Marginal Costing and CVP Analysis

Cost-Volume -Profit analysis is an important tool for profit planning. It provides

    information about the following matters:


    a) The behavior of cost in relation to volume.

    b) Volume of production or sales, where the business will break-even.

    c) Sensitivity of profits due to variation in output.

    d) Amount for profit for a projected sales volume.

    e) Quantity of production and sales for a target profit level.

    Cost-Volume-Profit analysis may therefore be defined as a managerial tool showing the relationship between profit planning, viz., cost (both fixed and variable), selling price and volume of activity.

    Break Even Analysis Break-even analysis is a widely used technique to study Cost-volume-profit relationship. The narrower interpretation of the term Break even analysis is defined as a system of determination of that level of activity where total cost equals total selling price.The broader interpretation refers to that system of analysis which determines probable profit at any level of activity.

    CVP analysis is sometimes designated as Break even analysis. Actually, CVP analysis

    includes the entire gamut of profit planning, while Break Even analysis is one of the techniques used in this process.

    Break even point

    Break-even point is the point of sale at which company makes neither profit nor loss. The marginal costing technique is based on the idea that difference of sales and variable cost of sales provides for a fund, which is referred to as contribution. Contribution provides for fixed cost and profit. At break-even point, the contribution is just enough to provide for fixed cost. If actual sales level is above break-even point, the company will make profit if actual sales is below break-even point the company will incur loss.

Break even point (of output) = Fixed Cost/Contribution per unit

    Break even point(of sales) = Fixed Cost/contribution per unit *selling price per unit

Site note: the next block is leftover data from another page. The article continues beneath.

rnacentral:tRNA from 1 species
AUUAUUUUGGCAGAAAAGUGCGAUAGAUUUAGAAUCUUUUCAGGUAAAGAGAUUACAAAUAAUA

= fixed Cost/P/V ratio

     Formulae of CVP Analysis



    The make-or-buy decision must be investigated in the broader perspective of available facilities. The alternatives are: (1) leaving facilities idle; (2) buying the parts and renting out idle facilities; or (3) buying the parts and using unused facilities for other products.

Lease or buy decision

    Obviously, leasing has more than its share of disadvantages. Among the most serious are: 1) Companies lose depreciation tax deductions, which can be costly to a firm with large taxable income and only a small amount of debt.

    2) The salvage value of a purchased asset, which increases the cash flow of the operation when the asset is sold, is also lost.

    3) Small-ticket leases generally charge higher interest rates than financial institutions do for loans of similar amounts, since the lease amounts to 100 percent financing. In many cases, the increase can be anywhere from 3-10 percent, depending on the size of the loan. A comparison of figures for both purchase and leasing options doesn't always provide all of the information needed for an accurate picture. The actual decision to lease or buy rests in matching a company's needs with those of all available funding resources.

    The cash-flow patterns of the operation, the tax situation, interest rates, degree of financial leverage, long-term business strategies, and the asset itself are all key factors to consider. Leasing companies, banks, and financial institutions seek to cover their risk exposure; ensure a company's ability to pay; gain repeat business; and, naturally, turn a profit. Regardless of the option selected, today's leasing and financing alternatives are tremendously flexible, so you should make sure that every prospective financing partner is aware of what you are attempting to accomplish. The business operation's long-term strategic plans and cash position obviously play an important role in the lease/buy decision. A company pursuing a growth strategy over the next 30 years that has strong cash flows and cash reserves may be more inclined to purchase an asset. On the other hand, a company pursuing the same strategy, but with a weaker cash position, may turn to leasing since it doesn't require a substantial down payment and generally offers lower monthly payments. Leasing is an increasingly popular choice. It can benefit the growing or expanding business in several areas: cash flow, cash management, financial reporting, income tax, ownership, and equipment obsolescence. Remember, however, it is the use of the equipment or asset, not the ownership, that generates income.